A soldier stands guard at the police screen as investigators collect evidence at the scene of a blast in a upscale neighborhood in Lahore, Pakistan February 23, 2017. REUTERS/Mohsin Raza(reuters_tickers)
By Mubashir Bukhari
LAHORE, Pakistan (Reuters) - A bomb blast in an upscale shopping centre in Pakistan's eastern city of Lahore killed at least 10 people on Thursday, a provincial government spokesman said, the latest attack in a surge of violence that has shaken the country.
"It was a bomb blast with a huge sound impact that smashed the windows of almost all the buildings around," said Punjab government spokesman Malik Mohammad Khan.
He said the blast caused a huge crater and authorities were investigating the exact "nature and motives" of the blast. Punjab police spokesman Nayab Haider said the explosion was caused by a bomb that was detonated either remotely or by timer.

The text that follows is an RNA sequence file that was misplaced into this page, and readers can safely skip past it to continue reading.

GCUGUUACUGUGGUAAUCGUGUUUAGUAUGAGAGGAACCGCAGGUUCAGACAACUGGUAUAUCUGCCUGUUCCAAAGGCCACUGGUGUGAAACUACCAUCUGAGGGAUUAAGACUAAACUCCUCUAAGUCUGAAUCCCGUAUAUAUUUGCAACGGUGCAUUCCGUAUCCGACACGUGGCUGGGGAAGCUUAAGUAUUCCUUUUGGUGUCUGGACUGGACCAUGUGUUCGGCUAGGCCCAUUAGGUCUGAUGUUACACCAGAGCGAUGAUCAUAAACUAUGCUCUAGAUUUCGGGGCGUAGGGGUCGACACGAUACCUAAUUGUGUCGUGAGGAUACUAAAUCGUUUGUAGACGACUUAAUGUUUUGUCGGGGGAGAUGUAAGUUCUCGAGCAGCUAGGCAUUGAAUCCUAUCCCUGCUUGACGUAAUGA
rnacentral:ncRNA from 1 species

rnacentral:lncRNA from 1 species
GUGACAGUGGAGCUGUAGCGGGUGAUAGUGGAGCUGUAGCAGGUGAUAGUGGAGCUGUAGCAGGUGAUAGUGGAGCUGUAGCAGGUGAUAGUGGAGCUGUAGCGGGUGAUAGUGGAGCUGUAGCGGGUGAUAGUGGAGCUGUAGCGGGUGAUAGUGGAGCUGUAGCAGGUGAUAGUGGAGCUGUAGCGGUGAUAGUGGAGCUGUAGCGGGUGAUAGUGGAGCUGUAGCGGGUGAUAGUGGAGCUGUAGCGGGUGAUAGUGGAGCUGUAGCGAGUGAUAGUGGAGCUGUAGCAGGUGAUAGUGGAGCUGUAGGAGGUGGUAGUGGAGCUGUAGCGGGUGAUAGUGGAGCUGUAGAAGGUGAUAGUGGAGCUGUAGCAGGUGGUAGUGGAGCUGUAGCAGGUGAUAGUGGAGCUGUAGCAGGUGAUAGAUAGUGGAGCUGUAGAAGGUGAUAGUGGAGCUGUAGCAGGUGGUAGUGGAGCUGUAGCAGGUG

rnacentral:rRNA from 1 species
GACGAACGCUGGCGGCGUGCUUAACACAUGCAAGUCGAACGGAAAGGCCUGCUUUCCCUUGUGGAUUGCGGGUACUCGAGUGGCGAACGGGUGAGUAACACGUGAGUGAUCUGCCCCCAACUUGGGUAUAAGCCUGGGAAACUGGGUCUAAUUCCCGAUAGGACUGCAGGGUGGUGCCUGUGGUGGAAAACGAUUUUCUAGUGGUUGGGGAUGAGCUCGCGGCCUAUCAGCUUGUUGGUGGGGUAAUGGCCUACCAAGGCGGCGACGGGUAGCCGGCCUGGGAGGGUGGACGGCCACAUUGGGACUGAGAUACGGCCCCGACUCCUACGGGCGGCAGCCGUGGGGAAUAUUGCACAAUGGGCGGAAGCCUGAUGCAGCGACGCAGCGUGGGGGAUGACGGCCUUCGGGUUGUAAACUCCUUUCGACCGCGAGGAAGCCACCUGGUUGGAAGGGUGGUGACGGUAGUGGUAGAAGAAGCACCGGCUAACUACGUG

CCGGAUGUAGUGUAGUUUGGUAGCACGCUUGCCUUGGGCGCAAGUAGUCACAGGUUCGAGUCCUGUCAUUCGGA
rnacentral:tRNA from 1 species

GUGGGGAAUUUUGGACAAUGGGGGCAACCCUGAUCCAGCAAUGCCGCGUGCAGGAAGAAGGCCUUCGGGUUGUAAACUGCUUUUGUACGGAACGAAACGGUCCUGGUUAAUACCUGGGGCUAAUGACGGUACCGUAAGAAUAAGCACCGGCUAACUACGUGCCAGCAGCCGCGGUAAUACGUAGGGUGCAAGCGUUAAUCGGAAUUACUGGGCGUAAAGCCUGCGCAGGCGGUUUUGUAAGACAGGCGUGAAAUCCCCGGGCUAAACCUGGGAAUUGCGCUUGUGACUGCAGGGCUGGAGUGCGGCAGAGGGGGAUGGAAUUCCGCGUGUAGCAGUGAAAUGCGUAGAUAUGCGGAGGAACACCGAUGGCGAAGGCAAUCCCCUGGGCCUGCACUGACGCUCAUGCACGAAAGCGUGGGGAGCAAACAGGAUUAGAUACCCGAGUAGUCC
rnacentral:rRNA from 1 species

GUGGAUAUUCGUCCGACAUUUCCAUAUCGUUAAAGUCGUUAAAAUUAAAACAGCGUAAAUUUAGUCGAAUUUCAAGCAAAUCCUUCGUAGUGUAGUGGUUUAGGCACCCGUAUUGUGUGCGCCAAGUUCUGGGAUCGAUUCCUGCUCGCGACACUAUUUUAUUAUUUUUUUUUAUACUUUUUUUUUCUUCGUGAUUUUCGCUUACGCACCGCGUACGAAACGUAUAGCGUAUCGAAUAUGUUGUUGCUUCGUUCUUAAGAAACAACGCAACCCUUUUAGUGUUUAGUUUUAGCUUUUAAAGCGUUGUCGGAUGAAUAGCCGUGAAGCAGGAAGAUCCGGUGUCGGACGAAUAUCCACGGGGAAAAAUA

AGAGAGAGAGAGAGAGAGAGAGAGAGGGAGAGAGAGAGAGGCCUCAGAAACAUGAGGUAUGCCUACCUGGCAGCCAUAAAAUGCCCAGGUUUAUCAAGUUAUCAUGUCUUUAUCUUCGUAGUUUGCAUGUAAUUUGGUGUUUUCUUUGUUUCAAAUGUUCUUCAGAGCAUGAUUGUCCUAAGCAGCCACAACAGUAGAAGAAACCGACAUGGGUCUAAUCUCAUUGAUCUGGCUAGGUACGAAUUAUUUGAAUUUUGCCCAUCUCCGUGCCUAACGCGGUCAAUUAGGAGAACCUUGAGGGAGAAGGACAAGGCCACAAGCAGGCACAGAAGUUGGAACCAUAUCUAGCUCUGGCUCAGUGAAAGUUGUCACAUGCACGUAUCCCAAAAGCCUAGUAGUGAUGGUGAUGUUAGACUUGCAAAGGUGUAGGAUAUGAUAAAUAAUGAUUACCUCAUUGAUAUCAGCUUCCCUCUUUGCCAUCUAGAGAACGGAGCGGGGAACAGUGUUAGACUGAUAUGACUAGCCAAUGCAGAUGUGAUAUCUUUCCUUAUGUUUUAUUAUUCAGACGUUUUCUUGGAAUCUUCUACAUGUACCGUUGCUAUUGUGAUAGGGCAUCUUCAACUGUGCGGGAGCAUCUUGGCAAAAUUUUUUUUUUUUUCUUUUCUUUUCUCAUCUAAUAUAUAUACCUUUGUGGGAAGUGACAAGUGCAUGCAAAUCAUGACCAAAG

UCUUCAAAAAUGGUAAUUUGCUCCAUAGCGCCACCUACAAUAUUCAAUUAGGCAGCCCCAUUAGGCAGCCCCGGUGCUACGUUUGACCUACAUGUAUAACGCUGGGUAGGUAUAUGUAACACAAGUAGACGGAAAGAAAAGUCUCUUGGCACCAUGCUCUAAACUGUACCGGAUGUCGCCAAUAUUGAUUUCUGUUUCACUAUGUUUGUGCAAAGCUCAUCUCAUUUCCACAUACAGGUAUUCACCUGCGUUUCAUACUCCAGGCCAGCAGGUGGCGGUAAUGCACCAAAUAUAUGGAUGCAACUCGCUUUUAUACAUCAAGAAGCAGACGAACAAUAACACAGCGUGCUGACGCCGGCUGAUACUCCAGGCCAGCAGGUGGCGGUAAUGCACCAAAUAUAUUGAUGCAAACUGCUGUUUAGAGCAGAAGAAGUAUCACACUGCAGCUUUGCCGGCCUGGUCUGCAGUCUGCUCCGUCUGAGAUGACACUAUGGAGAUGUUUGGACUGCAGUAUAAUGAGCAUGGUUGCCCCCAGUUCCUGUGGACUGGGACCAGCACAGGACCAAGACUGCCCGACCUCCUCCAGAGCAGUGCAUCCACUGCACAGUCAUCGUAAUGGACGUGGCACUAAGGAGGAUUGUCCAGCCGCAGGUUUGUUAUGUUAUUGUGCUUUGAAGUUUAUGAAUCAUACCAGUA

Pakistan has been struck by a wave of militant attacks in recent weeks which have killed at least 130 people. One attack at a Sufi shrine in southern Sindh province killed 90 people.
Rescue officials said security forces cordoned off the site of Thursday's blast, in a residential neighbourhood which also houses banks and coffee shops, after what one bank worker described as a frightening explosion.
"We left the building and saw that the motor-bikes parked outside were on fire and all the windows in the surrounding buildings were shattered," eyewitness Mohammad Khurram told Reuters.
Reports of a second explosion in the city turned out to be a tyre blow-out, a government official said.
Thursday's bombing was the second attack in Lahore in two weeks. A suicide bombing on Feb. 13 killed at least 13 people at a protest near the provincial assembly.
Government and military officials have vowed to hunt down militants across the country and Pakistan's border with Afghanistan has been shut down due to security concerns.
After the shrine bombing, Pakistani security forces said they had killed more than 100 suspected militants in targeted campaigns across the country.
(Writing by Saad Sayeed; Editing by Nick Macfie, Mehreen Zahra-Malik and Dominic Evans)